Flashbacks of my last schnauzer, Hannah. Now Mandy. I’d just come home from picking up some things from the pharmacy, and my dad was helping me get things into the kitchen. Mandy got all excited, and passed out. I turned around, and she was on her side, legs stiff but twitchy, eyes rolled back… She let out three long, eerie cries before she got still, and I picked her up. She was limp in my arms as I carried her to the couch where she could be off of the floor, and wake up. By the time she was awake and back on her feet, nudging my dad to get her ears scratched, it had only lasted 90 seconds at the most. It felt like a lot longer.
For a few seconds when I picked her up, I thought she might be dying in my arms. Her breathing has been ‘off’ the past couple of days, and I’d already made an appointment for her at the veterinarian for Friday (of course, today’s episode happened after office hours). There hasn’t been anything specific, just ‘different’. She hasn’t been in any sort of distress (it’s probably bothering me more than her, as her activity level has been unchanged). I think her water pill dosage needs to be adjusted (up). I’ve been doing some ‘chest percussion’ which loosens up any fluids so she can cough them up. She has coughed a few times, which can be a sign of the heart failure progressing, but so far it’s not affecting her activity level. At all !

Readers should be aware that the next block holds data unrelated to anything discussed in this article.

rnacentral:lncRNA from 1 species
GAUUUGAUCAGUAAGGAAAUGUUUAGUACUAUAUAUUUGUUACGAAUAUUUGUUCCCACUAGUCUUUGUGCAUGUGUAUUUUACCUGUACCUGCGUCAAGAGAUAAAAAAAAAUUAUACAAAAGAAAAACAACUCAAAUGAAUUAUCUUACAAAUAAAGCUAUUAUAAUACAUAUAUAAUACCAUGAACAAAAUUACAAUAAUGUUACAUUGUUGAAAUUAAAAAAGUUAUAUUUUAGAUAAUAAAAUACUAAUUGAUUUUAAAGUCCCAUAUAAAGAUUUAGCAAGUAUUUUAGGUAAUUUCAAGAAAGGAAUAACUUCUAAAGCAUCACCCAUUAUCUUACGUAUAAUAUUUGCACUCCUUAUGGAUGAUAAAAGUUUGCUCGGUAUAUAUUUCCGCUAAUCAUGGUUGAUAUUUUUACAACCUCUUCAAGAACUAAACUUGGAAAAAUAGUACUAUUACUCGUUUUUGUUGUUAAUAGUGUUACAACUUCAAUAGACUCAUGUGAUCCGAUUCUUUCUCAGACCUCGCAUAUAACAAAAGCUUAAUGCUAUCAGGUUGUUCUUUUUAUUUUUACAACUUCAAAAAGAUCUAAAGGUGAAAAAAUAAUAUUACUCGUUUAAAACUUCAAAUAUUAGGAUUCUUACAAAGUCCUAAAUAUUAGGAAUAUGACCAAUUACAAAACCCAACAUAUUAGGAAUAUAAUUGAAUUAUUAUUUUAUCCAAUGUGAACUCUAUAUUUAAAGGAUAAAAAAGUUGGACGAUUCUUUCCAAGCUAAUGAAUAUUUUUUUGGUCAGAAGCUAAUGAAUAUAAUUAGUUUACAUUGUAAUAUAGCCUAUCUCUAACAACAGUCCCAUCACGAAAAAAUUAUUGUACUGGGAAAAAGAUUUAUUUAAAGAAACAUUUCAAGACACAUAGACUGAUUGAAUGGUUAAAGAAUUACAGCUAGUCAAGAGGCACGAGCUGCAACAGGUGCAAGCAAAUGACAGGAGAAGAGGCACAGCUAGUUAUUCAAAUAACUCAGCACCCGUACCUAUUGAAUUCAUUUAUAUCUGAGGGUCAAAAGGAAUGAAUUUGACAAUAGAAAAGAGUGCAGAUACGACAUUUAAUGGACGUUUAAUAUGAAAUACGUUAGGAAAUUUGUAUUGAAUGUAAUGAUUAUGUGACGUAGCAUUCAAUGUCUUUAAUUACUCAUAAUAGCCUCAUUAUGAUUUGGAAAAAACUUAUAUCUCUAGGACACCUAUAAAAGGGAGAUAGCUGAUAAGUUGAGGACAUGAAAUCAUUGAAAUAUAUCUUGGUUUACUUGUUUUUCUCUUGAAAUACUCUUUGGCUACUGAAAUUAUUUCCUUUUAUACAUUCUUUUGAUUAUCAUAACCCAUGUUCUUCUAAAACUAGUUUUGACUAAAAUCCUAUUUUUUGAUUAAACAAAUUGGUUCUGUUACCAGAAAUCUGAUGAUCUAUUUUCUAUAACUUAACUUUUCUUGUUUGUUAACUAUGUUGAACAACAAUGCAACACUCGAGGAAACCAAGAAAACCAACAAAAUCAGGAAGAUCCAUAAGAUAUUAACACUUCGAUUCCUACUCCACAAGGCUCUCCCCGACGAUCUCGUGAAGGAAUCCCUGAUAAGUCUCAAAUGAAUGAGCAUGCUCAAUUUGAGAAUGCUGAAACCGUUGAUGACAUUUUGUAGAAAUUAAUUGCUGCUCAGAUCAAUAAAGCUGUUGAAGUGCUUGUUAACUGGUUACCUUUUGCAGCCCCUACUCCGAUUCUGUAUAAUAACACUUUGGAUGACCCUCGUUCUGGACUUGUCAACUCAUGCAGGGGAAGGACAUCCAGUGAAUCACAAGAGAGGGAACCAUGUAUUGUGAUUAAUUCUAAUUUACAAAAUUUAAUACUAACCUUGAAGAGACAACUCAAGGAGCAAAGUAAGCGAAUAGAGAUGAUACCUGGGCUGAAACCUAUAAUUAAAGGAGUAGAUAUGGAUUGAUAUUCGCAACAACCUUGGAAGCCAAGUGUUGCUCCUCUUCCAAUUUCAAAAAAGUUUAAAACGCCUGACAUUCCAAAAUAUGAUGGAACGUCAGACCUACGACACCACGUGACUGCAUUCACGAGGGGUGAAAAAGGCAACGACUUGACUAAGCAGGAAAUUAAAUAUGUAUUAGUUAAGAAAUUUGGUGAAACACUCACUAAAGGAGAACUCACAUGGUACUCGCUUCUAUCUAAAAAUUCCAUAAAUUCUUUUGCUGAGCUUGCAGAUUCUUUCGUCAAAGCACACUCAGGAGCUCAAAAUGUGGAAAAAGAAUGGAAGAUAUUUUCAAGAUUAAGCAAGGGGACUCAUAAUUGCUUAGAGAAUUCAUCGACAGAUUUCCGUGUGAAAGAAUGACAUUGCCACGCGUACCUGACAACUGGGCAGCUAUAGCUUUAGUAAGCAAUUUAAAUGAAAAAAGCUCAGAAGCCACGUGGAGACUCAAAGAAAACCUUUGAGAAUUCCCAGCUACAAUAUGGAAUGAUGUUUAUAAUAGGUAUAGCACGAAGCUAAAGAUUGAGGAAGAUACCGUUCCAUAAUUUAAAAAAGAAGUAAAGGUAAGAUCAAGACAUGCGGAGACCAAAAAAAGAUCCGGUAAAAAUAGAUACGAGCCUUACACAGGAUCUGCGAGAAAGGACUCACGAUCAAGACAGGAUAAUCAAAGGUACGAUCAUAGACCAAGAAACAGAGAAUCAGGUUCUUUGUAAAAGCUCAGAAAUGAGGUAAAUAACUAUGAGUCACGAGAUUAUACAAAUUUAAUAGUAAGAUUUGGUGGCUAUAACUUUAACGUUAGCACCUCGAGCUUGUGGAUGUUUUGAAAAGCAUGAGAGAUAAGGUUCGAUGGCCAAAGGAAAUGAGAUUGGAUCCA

She’s still alert and interested in everything I do. I look down at her sometimes and am in awe that that sweet little dog looks up at me, and wants to be with me no matter what. And I want her around as long as possible. But I also have to have a game plan for when it’s ‘enough’. It has to be what is best for her. I had some parameters for Hannah’s ‘signs’ that it was over, and when she stopped being interested in her beloved grapes (before I found out they’re bad for dogs), that was it. Time to let go.
I’m hopeful that Mandy will be around for a while longer, but nothing in life is a guarantee. Besides death. I’ve had her since early June 2001. She was a little bit of a thing, and had me wrapped around her ‘paw’ immediately. Since I’ve been on disability, we’ve been together nearly 24/7. She is the ‘constant’ living thing in my life; I have little face to face contact with people. I don’t leave home often because of medical issues, so it’s just the two of us most of the time. I have to be thankful for the wonderful years I’ve had with her, and keep looking at what’s in her best interest. I love her too much to do anything less.
In the meantime, I can’t take anything for granted. She’s my best friend.